In just over a year, the General Data Protection Regulation (GDPR) will come into force in Europe. This sea change in data privacy is aimed at improving protections for individuals within the European Union, providing them with more control over how their personal data is used.
It will also clarify and standardise from a legal standpoint how business are expected to operate in regards to data protection. With this in mind, smart business owners and directors are already preparing for its implementation.
There is much work to be done, however. According to a whitepaper from the DMA, a membership-based network of more than 1,000 companies, over a quarter (26 percent) of marketers feel their business is unprepared for the GDPR.
That’s a problem. But there is time for organisations to take steps now and ensure they are ready for the GDPR when it takes effect on May 25, 2018.
First, they should understand what the GDPR will require. According to “GDPR compliance: what organisations need to know” from information age, the following are requirements of the new regulation:
Extended jurisdiction. “Regulations will apply to any company collecting and/or processing EU citizen’s personal data regardless of where the company’s physical offices are located.”
Consent. Companies “will be required to obtain individual’s consent to store and use their data as well as explain how it is used.”
Mandatory breach notification. Companies “will now be required to notify the supervisory authority within 72 hours of discovering a security breach unless it is unlikely to “result in a risk to the rights and freedom of individuals.”
Right to access. “Companies must be able to provide electronic copies of private records to individuals requesting what personal data the organisation is processing, where their data is stored and for what purpose.”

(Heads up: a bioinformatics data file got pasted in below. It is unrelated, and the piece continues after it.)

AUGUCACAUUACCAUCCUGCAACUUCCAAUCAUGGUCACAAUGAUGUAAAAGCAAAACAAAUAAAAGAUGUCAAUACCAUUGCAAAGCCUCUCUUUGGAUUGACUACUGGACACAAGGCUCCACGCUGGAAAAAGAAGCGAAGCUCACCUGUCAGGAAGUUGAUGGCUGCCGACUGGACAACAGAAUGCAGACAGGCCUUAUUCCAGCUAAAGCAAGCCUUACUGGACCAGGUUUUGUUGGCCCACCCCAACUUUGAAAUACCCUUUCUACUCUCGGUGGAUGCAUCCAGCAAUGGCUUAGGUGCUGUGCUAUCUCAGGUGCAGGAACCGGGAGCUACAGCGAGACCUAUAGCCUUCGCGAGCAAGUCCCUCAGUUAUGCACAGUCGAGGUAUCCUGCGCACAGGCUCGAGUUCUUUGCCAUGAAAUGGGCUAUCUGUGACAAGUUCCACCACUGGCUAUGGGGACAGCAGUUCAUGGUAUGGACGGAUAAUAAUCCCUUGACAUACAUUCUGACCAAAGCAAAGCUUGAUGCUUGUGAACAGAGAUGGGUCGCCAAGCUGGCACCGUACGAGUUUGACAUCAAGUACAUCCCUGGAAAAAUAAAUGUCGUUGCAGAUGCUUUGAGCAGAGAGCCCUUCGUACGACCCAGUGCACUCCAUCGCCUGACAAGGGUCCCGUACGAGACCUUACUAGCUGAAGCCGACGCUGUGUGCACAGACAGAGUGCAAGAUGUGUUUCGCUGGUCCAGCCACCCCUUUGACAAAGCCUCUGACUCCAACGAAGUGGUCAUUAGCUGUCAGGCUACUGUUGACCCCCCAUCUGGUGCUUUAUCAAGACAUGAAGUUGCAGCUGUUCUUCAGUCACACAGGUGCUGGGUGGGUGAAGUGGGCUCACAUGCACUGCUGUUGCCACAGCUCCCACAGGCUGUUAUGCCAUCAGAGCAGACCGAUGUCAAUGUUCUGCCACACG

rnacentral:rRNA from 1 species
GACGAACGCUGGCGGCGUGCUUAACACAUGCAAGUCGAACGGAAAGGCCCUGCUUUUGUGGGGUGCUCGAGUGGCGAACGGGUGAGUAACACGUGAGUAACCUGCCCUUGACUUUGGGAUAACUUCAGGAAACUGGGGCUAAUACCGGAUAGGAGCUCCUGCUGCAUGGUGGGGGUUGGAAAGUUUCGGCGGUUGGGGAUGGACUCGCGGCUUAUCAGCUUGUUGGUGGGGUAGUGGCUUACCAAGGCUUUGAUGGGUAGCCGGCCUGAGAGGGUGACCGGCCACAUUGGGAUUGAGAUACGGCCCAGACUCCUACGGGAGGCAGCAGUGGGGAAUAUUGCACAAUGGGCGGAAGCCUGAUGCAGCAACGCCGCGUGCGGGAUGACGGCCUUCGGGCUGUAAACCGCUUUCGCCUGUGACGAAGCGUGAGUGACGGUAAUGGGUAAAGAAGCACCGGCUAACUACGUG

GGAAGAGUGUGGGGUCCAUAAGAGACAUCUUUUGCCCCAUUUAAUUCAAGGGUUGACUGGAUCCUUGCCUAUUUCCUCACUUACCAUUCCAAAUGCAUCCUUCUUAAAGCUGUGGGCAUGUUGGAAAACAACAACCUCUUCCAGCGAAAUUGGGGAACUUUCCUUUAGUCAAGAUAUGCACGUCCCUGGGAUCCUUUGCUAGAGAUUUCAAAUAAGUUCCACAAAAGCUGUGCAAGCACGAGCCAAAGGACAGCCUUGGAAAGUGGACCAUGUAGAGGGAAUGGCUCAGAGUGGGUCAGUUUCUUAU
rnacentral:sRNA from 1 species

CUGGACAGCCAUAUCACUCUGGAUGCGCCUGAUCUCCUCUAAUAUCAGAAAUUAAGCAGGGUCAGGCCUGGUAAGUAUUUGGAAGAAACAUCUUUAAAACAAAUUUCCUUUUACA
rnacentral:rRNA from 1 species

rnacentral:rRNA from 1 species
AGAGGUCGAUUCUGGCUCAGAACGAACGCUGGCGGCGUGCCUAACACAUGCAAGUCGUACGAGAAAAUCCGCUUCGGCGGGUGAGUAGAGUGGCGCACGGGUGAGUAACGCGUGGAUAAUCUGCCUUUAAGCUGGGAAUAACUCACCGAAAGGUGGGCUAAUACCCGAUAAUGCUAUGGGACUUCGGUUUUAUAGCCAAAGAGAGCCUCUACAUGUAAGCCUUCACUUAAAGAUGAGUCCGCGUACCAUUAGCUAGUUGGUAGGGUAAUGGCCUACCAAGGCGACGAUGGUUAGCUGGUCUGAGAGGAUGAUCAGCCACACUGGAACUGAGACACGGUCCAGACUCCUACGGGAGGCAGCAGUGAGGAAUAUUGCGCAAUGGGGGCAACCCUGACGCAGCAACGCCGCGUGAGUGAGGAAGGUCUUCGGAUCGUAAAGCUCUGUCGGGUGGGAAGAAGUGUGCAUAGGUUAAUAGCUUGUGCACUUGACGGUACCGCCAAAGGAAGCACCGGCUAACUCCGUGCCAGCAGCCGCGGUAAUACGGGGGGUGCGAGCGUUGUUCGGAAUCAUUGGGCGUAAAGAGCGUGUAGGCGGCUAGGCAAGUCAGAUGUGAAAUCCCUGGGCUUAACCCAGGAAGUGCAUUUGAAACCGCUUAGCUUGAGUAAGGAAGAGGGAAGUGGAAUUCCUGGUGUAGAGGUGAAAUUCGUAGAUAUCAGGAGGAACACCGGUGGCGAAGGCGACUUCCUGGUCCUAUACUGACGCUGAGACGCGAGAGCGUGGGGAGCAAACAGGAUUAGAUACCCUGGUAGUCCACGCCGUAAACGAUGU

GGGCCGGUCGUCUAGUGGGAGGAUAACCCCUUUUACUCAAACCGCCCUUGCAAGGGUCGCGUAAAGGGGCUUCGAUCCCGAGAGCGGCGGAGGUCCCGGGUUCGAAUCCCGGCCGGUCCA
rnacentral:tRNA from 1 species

Right to be forgotten. “EU citizens will be able to request the controller to not only delete their personal data but to stop sharing it with third parties – who are then also obligated to stop processing it.”
Data portability. “The new regulation gives individuals the right to transmit their data from one controller to another. As a result, upon request, organisations must be able to provide an individual’s personal data in a ‘commonly used and machine readable format.”
Privacy by design. “Security must be built into products and processes from day one.
Data protection officers (DPO). “Both data controllers and data processors are now required to appoint a DPO.”
On a disturbing note, several reports indicate that some companies in the UK have stopped preparing for GDPR due to Brexit. According to MarketingTech’s “24% of UK businesses have stopped preparations for EU Data Protection Regulations,” fully 44 percent of respondents to a survey believe – likely in error – that they will not fall under its jurisdiction. This is dangerous assumption, as the article notes:
“’Firstly, it is likely to be in place before any Brexit,’ said director of information management at Crown Records, John Culkin. ‘Secondly, although an independent Britain would no longer be a signatory it will still apply to all businesses which handle the personal information of European citizens.’
The fines associated with EU GDPR are significant. They can be as high as €20 million or 4% of global turnover.”
When looking ahead at the GDPR, it is far better to be safe than sorry. In this case, that means being prepared – or risk serious consequences.